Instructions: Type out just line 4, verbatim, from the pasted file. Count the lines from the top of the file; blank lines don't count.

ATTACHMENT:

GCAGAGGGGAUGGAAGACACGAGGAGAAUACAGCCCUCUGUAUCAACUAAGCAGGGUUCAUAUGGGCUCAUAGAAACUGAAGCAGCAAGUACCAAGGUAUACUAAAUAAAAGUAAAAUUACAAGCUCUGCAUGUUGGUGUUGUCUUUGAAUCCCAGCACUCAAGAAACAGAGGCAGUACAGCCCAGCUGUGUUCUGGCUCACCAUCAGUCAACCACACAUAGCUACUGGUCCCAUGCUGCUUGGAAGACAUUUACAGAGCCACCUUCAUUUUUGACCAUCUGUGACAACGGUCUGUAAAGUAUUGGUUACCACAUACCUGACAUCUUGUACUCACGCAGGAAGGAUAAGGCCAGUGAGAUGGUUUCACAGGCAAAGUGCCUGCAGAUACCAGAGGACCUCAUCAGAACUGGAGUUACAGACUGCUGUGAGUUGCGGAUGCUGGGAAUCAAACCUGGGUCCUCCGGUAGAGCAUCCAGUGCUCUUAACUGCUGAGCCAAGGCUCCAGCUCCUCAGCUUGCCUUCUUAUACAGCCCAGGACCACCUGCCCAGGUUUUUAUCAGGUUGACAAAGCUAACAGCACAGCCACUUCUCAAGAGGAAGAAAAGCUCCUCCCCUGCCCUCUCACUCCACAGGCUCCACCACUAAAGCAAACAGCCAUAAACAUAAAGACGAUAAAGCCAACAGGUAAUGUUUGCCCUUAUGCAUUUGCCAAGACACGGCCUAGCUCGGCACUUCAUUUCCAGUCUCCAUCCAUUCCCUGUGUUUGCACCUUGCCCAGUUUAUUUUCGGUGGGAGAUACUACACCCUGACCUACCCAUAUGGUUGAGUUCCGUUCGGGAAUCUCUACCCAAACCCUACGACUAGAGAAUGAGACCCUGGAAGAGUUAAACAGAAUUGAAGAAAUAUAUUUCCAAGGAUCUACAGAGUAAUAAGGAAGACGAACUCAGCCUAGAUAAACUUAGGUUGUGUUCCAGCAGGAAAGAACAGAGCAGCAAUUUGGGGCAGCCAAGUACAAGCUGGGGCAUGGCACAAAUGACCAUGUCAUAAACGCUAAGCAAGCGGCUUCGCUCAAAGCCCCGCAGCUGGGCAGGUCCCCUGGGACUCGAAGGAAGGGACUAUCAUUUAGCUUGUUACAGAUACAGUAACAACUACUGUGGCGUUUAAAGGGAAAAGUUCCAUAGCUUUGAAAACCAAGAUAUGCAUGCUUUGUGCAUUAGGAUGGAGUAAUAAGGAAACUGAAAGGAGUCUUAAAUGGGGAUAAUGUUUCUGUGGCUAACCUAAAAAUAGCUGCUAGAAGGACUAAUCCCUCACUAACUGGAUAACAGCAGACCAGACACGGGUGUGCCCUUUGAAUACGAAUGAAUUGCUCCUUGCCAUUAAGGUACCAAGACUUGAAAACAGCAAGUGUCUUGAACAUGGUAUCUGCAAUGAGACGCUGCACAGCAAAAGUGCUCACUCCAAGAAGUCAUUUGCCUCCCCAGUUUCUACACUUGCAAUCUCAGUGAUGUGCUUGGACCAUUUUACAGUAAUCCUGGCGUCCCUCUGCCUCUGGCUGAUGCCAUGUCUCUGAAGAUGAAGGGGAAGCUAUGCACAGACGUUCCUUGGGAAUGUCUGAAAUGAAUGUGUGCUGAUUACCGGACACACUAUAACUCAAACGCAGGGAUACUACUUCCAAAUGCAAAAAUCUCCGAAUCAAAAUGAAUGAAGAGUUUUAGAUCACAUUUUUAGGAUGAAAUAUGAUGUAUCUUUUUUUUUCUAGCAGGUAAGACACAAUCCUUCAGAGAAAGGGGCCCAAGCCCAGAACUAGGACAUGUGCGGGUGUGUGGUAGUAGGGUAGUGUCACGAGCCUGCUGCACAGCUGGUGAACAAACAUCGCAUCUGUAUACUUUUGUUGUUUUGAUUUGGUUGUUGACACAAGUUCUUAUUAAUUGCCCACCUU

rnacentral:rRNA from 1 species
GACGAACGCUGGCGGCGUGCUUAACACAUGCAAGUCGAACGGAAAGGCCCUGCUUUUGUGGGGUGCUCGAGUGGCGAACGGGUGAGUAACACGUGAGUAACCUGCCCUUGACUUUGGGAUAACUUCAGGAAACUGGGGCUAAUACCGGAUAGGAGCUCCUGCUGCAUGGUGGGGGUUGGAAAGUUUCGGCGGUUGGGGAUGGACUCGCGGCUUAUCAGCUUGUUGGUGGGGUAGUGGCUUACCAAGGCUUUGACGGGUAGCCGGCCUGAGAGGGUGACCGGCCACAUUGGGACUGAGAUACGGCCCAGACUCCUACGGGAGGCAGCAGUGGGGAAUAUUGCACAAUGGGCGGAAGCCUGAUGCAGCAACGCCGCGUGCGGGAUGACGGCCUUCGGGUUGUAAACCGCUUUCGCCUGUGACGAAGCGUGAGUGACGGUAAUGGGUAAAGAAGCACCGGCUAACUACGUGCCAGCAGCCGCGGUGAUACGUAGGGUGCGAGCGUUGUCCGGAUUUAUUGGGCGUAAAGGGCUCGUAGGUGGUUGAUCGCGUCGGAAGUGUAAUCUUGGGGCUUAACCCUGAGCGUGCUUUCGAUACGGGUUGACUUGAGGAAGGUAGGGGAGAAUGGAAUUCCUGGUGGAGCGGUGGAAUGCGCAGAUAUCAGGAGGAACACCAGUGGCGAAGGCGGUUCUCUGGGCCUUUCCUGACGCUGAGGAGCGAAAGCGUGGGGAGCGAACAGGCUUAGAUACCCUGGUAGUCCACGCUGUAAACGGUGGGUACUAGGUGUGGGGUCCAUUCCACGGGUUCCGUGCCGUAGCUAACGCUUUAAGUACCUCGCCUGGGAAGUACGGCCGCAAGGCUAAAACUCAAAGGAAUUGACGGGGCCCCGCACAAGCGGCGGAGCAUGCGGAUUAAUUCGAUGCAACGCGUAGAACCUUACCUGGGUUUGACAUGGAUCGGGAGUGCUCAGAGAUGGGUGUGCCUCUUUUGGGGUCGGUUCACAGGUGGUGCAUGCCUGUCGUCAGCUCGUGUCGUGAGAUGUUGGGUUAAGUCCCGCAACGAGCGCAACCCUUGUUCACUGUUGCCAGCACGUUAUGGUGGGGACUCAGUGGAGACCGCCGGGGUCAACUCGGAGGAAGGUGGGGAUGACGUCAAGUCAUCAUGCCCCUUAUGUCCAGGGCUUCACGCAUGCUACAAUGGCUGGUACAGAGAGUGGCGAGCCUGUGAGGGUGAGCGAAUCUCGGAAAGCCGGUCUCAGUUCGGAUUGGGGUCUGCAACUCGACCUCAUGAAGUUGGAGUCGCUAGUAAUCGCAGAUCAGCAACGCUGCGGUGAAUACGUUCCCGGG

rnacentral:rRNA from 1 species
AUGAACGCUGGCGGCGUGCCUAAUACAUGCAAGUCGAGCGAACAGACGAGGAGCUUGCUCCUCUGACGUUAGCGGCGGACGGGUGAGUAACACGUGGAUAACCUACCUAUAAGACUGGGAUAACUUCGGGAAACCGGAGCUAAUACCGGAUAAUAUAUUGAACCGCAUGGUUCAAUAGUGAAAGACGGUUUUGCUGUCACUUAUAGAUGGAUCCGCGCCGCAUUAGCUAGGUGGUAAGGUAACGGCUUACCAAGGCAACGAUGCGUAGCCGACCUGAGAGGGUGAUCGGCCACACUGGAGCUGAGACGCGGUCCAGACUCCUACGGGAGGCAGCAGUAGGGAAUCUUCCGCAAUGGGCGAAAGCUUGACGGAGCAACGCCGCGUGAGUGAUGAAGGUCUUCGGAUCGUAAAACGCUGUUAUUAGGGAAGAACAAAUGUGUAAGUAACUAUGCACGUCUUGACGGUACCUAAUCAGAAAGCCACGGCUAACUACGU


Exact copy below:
rnacentral:rRNA from 1 species